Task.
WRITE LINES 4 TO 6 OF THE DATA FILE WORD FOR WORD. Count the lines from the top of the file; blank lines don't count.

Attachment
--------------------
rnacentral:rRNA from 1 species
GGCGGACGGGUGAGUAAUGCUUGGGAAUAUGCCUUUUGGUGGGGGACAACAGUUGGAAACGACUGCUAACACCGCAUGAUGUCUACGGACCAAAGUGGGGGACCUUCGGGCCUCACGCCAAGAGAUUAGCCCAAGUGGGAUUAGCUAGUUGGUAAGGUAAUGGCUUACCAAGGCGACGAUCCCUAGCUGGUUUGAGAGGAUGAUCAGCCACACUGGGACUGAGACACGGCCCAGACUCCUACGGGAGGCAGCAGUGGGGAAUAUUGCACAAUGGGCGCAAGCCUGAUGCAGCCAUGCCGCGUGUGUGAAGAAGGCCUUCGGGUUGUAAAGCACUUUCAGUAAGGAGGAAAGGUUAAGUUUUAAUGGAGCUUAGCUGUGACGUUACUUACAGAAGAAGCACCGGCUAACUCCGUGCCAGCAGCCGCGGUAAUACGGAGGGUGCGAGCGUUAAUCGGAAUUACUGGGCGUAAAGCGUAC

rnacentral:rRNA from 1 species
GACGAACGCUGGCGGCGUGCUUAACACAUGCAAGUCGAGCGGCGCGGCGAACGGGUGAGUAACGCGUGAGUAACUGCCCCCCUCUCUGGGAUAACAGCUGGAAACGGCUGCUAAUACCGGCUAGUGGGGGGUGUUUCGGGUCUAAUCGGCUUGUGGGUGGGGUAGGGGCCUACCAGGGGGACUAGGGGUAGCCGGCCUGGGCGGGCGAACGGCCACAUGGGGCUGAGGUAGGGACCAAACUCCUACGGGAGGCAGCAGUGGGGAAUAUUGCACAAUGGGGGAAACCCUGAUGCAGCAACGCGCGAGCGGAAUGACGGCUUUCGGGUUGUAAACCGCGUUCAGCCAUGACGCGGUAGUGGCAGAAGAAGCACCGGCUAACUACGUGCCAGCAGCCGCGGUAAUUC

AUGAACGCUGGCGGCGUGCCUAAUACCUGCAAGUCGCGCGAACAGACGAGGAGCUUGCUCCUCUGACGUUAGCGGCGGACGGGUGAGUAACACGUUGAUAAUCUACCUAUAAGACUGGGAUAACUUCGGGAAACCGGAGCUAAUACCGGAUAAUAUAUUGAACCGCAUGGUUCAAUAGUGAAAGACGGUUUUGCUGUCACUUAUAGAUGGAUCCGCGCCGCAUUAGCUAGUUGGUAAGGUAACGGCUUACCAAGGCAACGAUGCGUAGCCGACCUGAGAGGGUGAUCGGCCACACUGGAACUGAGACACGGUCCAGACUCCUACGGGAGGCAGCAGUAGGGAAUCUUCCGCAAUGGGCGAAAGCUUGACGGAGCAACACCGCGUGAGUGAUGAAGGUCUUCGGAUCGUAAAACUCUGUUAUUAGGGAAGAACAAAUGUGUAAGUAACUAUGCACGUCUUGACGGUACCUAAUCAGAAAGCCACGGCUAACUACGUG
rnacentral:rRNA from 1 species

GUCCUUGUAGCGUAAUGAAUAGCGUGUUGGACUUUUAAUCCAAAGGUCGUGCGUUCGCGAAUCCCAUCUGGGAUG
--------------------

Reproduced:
GACGAACGCUGGCGGCGUGCUUAACACAUGCAAGUCGAGCGGCGCGGCGAACGGGUGAGUAACGCGUGAGUAACUGCCCCCCUCUCUGGGAUAACAGCUGGAAACGGCUGCUAAUACCGGCUAGUGGGGGGUGUUUCGGGUCUAAUCGGCUUGUGGGUGGGGUAGGGGCCUACCAGGGGGACUAGGGGUAGCCGGCCUGGGCGGGCGAACGGCCACAUGGGGCUGAGGUAGGGACCAAACUCCUACGGGAGGCAGCAGUGGGGAAUAUUGCACAAUGGGGGAAACCCUGAUGCAGCAACGCGCGAGCGGAAUGACGGCUUUCGGGUUGUAAACCGCGUUCAGCCAUGACGCGGUAGUGGCAGAAGAAGCACCGGCUAACUACGUGCCAGCAGCCGCGGUAAUUC

AUGAACGCUGGCGGCGUGCCUAAUACCUGCAAGUCGCGCGAACAGACGAGGAGCUUGCUCCUCUGACGUUAGCGGCGGACGGGUGAGUAACACGUUGAUAAUCUACCUAUAAGACUGGGAUAACUUCGGGAAACCGGAGCUAAUACCGGAUAAUAUAUUGAACCGCAUGGUUCAAUAGUGAAAGACGGUUUUGCUGUCACUUAUAGAUGGAUCCGCGCCGCAUUAGCUAGUUGGUAAGGUAACGGCUUACCAAGGCAACGAUGCGUAGCCGACCUGAGAGGGUGAUCGGCCACACUGGAACUGAGACACGGUCCAGACUCCUACGGGAGGCAGCAGUAGGGAAUCUUCCGCAAUGGGCGAAAGCUUGACGGAGCAACACCGCGUGAGUGAUGAAGGUCUUCGGAUCGUAAAACUCUGUUAUUAGGGAAGAACAAAUGUGUAAGUAACUAUGCACGUCUUGACGGUACCUAAUCAGAAAGCCACGGCUAACUACGUG
rnacentral:rRNA from 1 species